As mentioned, most of Miami's best hitters have moved on, but they still have big-time slugger Rony Rodriguez (.308-13-44 in 2011.)  Rodriguez's .596 SA was good for second in the ACC.  Miami actually does return most of their infield (if not all of it - it depends on who you consider the regular infield as there was plenty of rotation last year) but mostly it's a crew of steady hitters who field badly.  They do get some help at catcher, too; last year there was a platoon and little to no offensive production from either candidate (and of course one of them was terrible at throwing out basestealers and the other was a horrible hitter, which is always how it seems to go.)  But the Canes got a transfer in the form of Peter O'Brien from Bethune-Cookman, who'll provide a year of upgrade in both departments.

Miami has higher standards than what they showed last year, but in such a tough Coastal Division they'll have a difficult time progressing beyond that 2 seed.  That starting rotation will give them a chance to win every conference game, though, and is their best hope for hosting a regional this season.  As with the reloading Hoos, call it a 50/50 shot at that particular goal.


Last season:

Record: 51-16 (20-10)
ACC tournament: 4th seed; 1-2
NCAA tournament: super-regional host; College World Series; 6-2, T-5th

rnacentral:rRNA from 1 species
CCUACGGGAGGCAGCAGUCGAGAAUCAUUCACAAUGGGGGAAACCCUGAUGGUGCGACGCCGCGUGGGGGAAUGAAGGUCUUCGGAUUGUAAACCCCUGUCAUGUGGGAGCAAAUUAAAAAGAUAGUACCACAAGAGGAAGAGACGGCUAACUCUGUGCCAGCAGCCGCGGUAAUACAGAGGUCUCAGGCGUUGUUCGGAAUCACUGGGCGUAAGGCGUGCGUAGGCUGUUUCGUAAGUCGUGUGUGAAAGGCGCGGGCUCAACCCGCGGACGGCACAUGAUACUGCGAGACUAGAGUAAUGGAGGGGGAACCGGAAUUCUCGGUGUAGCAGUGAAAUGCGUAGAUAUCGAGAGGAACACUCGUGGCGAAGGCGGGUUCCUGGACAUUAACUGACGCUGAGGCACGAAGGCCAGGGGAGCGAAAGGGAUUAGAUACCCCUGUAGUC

2012 schedule: skips Florida State
Names to know: 3B Colin Moran, LHP Kent Emanuel, C Jacob Stallings, INF Tommy Coyle

In looking at UNC's stats from last year, there's not much that's especially outstanding (except that you'd have to admit that ace pitcher Patrick Johnson would have some pretty incredible numbers if we weren't used to having our minds blown out by what Danny Hultzen would produce.)  The Heels just kept winning, is all.

They did have some pretty terrific freshmen - now sophomores - to help them bounce back from a disappointing 2010 in which they failed to make the ACC tournament.  Colin Moran at third base was the team's best hitter by far, batting .335-9-71 and leading the team in every conceivable hitting category but triples.  Moran happens to be the nephew of MLBer B.J. Surhoff.  Tommy Coyle, another freshman, was the next guy on the list, hitting .311; he's also flexible enough to play either middle infield position.  UNC will also return catcher Jacob Stallings, a very good hitter who cut down 32 of 76 basestealers last year.

There's also Kent Emanuel, a southpaw who'll be this year's Friday starter.  He pitched Saturdays last year but could've pitched Fridays for most teams in the conference.  Emanuel only lost one game last year and had a sterling 2.33 ERA.  And when it comes to returning players.....that's about it.  Those four right there, plus left fielder Chaz Frank, a solid but unspectacular player, and Sunday starter Chris Munnelly.

UNC is the favorite to win the conference largely on the strength of those four.  They've got to plug holes everywhere else.  Munnelly is the likely Saturday guy this year, but he was decent-not-great in 2011, and as for Sunday, who knows?  UNC has a deep bullpen to draw from, but the non-Emanuel portion of the pitching rotation is the biggest obstacle to repeating last year's success.  Coyle will probably move to shortstop after playing second most of last year, but that still requires replacing a middle infielder, and they'll break in a new center fielder, too.  If UNC solves the starting rotation, they'll be as dangerous as any team in the conference and likely live up to the preseason expectations; if not, they could find the division crown stolen by any of three tough competitors.